Saturday, 30 December 2017
HOMEGOING by Yaa Gyasi
I am however I find curiously unmoved by the book, and I can't quite think why. First, perhaps there is something about it that seems a little too facile. The American stories in particular did sometimes read a bit like a well-behaved walk through key moments of African-American history: picking cotton, being unjustly imprisoned, doing heroin, etc. I suspect the author may be young, and might have an undergraduate degree if African-American lit or history.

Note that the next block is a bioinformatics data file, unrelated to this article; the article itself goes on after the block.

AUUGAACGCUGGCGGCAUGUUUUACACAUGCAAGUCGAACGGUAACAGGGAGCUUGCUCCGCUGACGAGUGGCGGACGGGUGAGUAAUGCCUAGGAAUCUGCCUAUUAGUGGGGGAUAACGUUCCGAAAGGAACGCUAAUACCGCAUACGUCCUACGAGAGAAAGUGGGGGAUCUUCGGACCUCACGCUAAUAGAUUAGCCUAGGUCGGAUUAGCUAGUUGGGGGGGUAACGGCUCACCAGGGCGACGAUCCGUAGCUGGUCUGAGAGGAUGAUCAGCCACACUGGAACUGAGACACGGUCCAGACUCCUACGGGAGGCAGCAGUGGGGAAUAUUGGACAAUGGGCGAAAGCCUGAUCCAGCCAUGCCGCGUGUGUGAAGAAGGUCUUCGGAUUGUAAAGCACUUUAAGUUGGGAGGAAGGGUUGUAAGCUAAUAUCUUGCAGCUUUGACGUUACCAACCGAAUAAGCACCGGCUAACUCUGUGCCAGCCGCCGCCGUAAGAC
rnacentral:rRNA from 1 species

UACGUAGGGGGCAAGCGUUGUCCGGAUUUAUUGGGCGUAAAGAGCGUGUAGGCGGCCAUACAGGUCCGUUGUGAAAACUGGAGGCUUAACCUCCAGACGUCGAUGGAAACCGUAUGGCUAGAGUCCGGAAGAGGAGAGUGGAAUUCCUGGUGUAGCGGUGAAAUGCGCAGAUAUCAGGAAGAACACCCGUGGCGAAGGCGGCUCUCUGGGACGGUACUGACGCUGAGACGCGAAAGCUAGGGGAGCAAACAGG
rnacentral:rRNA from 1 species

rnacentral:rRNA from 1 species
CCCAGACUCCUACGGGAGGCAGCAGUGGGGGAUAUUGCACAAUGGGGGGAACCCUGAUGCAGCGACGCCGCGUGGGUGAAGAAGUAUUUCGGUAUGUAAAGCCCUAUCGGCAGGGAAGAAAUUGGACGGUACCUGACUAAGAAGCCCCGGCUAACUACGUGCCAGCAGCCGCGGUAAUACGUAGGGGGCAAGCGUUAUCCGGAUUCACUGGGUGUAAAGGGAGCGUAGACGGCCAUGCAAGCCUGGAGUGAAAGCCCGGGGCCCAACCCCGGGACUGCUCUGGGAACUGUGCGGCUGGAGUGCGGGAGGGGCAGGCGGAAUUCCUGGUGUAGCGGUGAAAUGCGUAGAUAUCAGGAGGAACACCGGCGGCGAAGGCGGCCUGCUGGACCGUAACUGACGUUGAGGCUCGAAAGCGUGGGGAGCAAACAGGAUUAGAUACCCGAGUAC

Second, I was sort of taken aback by the turn the African stories took. As I began I was interested to see how the author in the twentieth century would manage the tension of the gulf between Ghana's $1,500 GDP per capita and the USA's $60,000 (See The Atlantic for a very interesting discussion on what black American GDP would be - clue, it's still 20x what Ghana's is). The answer is, she doesn't; strangely, while the American stories follow a more or less 'typical' family, the African stories suddenly veer off into the atypical, following a tiny minority into the diaspora. It feels like a weird ducking of a very important fact. Also, troubling somehow - in these stories there is definitely no 'greatest hits' approach to Ghanaian history, with Independence barely featuring. This I found really strange; at least for the rest of Africa, Ghanaian independence is an enormous event, a beacon for the rest of us, as Ghana crossed that finish line first. Somehow, this bothered me. I felt like Ghana was given the same attention as America, as if history wasn't happening there somehow. Perhaps that's not fair; but I suppose this isn't a courtroom and I don't have to be.